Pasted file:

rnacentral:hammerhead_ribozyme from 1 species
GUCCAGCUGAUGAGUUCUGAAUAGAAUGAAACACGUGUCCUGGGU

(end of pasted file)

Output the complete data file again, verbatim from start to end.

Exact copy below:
rnacentral:hammerhead_ribozyme from 1 species
GUCCAGCUGAUGAGUUCUGAAUAGAAUGAAACACGUGUCCUGGGU